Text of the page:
Scanning is typically accomplished by providing a housing 164 containing mirror 158 and focuser 160, which housing 164 can be moved along a line of pixels (i.e., from left to right or the reverse as viewed in FIG. 5) by a transporter 162. The second direction 192 of scanning (line transitioning) can be provided by second transporter which may include a motor and belt (not shown) to move caddy 200 along one or more tracks. The second transporter may use a same or different actuator components to accomplish coarse (a larger number of lines) movement and finer movement (a smaller number of lines). Generally, directly adjacent rows are scanned. However, “adjacent” rows may include alternating rows or rows where more than one intervening row is skipped.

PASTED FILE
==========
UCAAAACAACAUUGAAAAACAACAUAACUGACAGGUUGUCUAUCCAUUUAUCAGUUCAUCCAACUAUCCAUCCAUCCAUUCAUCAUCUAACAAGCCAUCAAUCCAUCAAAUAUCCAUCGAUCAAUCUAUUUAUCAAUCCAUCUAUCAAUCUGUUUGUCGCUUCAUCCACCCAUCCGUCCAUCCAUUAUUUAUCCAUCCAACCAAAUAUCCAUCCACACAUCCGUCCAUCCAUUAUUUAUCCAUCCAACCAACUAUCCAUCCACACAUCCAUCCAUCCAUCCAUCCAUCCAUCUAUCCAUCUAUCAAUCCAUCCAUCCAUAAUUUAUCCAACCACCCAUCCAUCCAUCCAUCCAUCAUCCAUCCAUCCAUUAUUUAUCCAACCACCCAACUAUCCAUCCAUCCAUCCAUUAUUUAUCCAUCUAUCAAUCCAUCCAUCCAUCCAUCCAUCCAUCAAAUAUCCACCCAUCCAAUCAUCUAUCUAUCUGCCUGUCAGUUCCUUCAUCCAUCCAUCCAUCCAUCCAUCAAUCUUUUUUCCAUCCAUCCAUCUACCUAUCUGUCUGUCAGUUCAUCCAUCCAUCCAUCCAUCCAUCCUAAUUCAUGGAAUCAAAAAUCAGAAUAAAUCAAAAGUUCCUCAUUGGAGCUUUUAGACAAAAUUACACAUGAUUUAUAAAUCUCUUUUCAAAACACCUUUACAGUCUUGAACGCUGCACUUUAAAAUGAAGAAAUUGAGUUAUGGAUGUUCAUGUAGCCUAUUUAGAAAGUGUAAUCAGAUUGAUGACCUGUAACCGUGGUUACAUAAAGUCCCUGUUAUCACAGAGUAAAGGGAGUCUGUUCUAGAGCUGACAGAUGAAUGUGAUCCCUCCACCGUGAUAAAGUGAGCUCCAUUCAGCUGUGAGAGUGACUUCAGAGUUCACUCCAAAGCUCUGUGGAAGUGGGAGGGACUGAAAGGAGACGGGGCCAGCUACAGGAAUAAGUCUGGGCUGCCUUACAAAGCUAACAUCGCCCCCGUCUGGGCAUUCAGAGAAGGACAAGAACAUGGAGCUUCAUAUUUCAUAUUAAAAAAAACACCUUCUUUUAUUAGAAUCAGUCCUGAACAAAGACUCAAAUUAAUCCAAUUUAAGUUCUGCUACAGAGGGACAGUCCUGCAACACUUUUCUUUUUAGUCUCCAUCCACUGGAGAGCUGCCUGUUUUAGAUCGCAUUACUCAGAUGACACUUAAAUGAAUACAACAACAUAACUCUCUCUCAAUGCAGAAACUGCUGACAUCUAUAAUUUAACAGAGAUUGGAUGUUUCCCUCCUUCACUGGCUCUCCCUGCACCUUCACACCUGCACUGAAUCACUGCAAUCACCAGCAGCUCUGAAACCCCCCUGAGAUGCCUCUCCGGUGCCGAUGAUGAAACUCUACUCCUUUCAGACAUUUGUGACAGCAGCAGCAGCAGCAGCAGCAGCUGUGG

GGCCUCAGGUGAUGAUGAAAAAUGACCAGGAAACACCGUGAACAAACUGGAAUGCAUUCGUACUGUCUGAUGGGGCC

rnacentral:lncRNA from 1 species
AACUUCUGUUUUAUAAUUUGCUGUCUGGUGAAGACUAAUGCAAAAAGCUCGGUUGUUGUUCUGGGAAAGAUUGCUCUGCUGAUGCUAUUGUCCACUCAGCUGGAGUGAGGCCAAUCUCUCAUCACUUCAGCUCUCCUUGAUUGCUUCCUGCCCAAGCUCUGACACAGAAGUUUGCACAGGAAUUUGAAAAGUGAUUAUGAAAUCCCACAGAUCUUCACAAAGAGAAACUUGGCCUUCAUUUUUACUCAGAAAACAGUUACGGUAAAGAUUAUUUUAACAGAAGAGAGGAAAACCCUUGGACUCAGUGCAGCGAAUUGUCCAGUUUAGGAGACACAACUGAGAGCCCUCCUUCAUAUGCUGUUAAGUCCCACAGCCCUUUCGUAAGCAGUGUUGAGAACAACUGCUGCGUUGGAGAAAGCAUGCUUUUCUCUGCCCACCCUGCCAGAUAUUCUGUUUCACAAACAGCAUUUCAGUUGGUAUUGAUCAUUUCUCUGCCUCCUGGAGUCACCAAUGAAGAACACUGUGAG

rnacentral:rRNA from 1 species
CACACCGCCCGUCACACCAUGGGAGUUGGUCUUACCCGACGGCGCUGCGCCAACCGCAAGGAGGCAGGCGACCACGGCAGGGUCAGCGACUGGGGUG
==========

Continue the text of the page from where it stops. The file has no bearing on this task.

• [0050]
    The scanner of FIG. 5 may further include a reader (not shown) that reads an identifier 40 from an array package 30. When identifier 40 is in the form of a bar code, that reader may be a suitable bar code reader.
  • [0051]
    Of course, the movements 166 and 192 may be accomplished by actuating holder 200 or housing 164 alone. Still further, the movement roles described for each element above may be swapped.
  • [0052]